• Share to Facebook
    • Twitter
    • Email
    • Print

May 3, 2017

Reward of 50,000 INR offered for nabbing monitor lizard abusers in Tamil Nadu

Anyone with information about this case is asked to call the HSI/India tip line +91 7674-922044

Humane Society International/India

  • Bengal monitor (Varanus bengalensis). Aditya "Dicky" Singh/Alamy

Humane Society International/India is offering a reward of 50,000 INR for information leading to the identification, arrest and conviction of the persons shown committing a violent act against a monitor lizard.

A video shared with HSI/India, showed two persons forcing a monitor lizard off a palm tree while yelling “catch it” in Tamil. The video shows them beat the animal off the tree. One man then proceeds to grab and twist the lizard, tying the tail around the creature’s neck. The manner in which the perpetrators handle the animal indicates that the lizard may have suffered severe injuries, such as limb and joint fractures.

The monitor lizard (Varanus bengalensis) is a protected species under Schedule I of the Wildlife Protection Act, 1972. As predators, they play a vital role in the ecosystem and their mass hunting across the south Indian states has an adverse effect on the food chain. These animals are hunted due to the popular misbelief that eating the meat of these lizards imparts super-human strength. It is also believed that drinking the blood of these lizards acts as an aphrodisiac- this claim too is not supported by scientific evidence. These lizards are hunted en-masse, especially across parts of Tamil Nadu and sold across the border into Karnataka, Kerala, Andhra Pradesh and Telangana. Local tribes, such as Hakki-Pikki, are largely engaged in this trade.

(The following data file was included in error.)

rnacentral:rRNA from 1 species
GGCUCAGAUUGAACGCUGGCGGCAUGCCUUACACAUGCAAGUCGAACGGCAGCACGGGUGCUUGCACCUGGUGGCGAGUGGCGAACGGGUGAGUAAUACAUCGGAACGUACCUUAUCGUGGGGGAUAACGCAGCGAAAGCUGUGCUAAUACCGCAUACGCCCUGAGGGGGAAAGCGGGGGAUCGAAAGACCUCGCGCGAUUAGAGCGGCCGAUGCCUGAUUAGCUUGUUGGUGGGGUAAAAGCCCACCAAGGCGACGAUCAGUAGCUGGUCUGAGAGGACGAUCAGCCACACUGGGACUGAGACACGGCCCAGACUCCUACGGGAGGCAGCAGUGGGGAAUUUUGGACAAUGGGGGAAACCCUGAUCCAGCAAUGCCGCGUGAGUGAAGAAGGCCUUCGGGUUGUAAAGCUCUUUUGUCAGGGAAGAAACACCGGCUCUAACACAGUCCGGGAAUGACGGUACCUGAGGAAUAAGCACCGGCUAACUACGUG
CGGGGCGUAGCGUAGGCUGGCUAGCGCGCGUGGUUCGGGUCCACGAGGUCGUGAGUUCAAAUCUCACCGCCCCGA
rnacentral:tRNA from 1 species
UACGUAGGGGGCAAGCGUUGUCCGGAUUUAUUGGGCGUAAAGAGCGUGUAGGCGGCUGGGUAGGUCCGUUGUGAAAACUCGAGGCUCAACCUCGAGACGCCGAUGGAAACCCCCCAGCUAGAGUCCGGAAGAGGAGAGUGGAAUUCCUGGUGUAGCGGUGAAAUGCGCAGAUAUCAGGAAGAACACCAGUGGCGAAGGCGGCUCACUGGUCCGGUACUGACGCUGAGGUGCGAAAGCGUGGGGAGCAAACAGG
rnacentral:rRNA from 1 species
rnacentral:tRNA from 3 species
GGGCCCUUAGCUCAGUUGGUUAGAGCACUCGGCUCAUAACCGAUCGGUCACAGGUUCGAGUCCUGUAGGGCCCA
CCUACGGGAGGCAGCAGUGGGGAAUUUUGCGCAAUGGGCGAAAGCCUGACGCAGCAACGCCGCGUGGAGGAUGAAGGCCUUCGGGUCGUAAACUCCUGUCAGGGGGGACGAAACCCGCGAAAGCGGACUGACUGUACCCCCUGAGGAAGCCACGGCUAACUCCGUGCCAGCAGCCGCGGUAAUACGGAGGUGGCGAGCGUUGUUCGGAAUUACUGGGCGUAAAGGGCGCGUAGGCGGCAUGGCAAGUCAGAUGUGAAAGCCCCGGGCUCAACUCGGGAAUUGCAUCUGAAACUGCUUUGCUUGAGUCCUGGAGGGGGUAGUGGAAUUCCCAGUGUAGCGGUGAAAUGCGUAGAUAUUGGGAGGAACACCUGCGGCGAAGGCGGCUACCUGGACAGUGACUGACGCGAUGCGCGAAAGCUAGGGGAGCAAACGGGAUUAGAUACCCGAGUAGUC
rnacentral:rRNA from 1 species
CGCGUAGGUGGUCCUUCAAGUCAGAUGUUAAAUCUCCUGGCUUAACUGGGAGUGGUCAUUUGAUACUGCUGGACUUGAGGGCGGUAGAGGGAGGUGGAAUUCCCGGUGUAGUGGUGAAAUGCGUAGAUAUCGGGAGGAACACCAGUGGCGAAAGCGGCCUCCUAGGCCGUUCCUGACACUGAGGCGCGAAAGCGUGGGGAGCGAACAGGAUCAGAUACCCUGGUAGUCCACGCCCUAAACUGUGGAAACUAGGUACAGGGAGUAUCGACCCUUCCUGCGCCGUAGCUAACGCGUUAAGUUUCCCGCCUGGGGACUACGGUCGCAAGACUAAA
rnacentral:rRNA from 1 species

Sumanth Bindhumadhav, wildlife campaign manager of HSI/India said, “Monitor lizards are a Schedule I species, which means they are warranted the same level of protection that tigers and elephants receive. Unfortunately, due to the superstitions associated with the species, they are ruthlessly hunted and killed. Anyone with information that will lead us to the perpetrators of this violence is requested to call us. We are hoping that this reward will motivate anyone with information about this offence to talk to us.”

HSI/India has been working to mitigate human-animal conflict issues in the country through engagement with community, education and awareness and sensitization training of the Forest Department. In the past, HSI/India has been successful in identifying and facilitating the arrest of the culprits of Kerala dog bestiality and New Delhi Green Park Metro dog stabbing cases, the case of puppies burnt alive in Hyderabad and other criminals.

Media Contact: Alokparna Sengupta, asengupta@hsi.org